Below you can find the reaction mechanism depicting the start of oxidative rancidity. Oxidative rancidity is an oxidation reaction which starts by an unsaturated fatty acid forming a radical (the dot next to the molecules represents a radical). Radicals are highly reactive and will always want to react with something else again. Radicals can be formed spontaneously, for example under influence of light as well as the presence of certain metals.

The newly formed radical will then react with oxygen. It will still be a radical but with the oxygen atoms attached to it. It will now need to react with something that’s not a radical to get rid of its radical properties. In this example that is molecule LH. LH can be another unsaturated fatty acids, but it can also be another molecule, for example an anti-oxidant.

Oxidative rancidity reaction mechanism
Example of a reaction mechanism of oxidative rancidity. R represents the rest of a fatty acid chain. L can represent another fatty acid an anti-oxidant or other type of molecule.

This series of reactions shows a pathway that will commonly occur in oxidative rancidity. However, since these radicals are so reactive, they will also react with other components. It’s during those reactions that those rancid odour and flavour molecules are formed

Role of anti oxidants

Anti-oxidants are molecules that can stop this radical chain of reactions. Anti-oxidant can ‘absorb’ the radical, but instead of becoming yet another reactive radical, anti oxidants won’t continue reacting with other molecules and they will stop the chain. In your body radicals are formed all the time. Antioxidants are present throughout your body as well, to stop these reactions again.

What is hydrolytic rancidity?

Sign up to our weekly newsletter to be updated on new food science articles.

The second type of rancidity is caused by a hydrolytic reaction. Such a reaction is one in which a molecule reacts with water and as a result a molecule is cleaved in two. In the case of fats and oils the hydrolytic reaction will occur at the point where the fatty acids are connected to the glycerol. In a hydrolytic reaction the fatty acid gets split off from the glycerol, forming a free fatty acid.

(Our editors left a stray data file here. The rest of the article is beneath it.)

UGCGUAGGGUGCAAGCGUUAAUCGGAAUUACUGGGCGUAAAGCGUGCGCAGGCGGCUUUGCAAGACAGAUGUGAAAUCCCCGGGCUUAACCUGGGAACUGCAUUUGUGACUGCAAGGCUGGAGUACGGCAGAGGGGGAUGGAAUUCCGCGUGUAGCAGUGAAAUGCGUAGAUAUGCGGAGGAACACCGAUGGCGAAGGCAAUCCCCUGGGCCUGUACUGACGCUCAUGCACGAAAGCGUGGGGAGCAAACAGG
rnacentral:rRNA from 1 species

A lot of (small) free fatty acids have quiet a strong smell which makes the product taste rancid. An example of this is butyric acid in butter which is a smelly compound that contributes to that off flavour of butter we discussed at the start.

Hydrolyitc rancidity is catalyzed by enzymes

The hydrolysis reaction to cause rancidity isn’t activated as easily as the oxidation reaction. In most cases it is catalyzed by enzymes, in most cases lipases. These enzymes are are naturally present in a lot of foods.

In some cases micro organisms produce lipases which will then induce hydrolytic rancidity.

Preventing rancidity

Since oxidative and hydrolytic rancidity are caused by two different mechanisms they should also be prevented in a different way.

For preventing oxidative rancidity there are four main routes to explore:

  1. The first way to prevent rancidity is to eliminate oxygen. Think of vacuum packaging a product.
  2. Prevent using unsaturated fatty acids, saturated ones won’t oxidize. That said, this isn’t always possible, olive oil is not olive oil anymore if it doesn’t have those unsaturated fatty acids.
  3. Prevent the formation of those first radicals. Since light (especially UV light) can initiate this formation it would be wise to eliminate that (think of aluminum cans in which olive oil is packaged).
  4. ‘Catch’ anti-oxidants as soon as they are formed. This can be done by adding anti-oxidants for instance.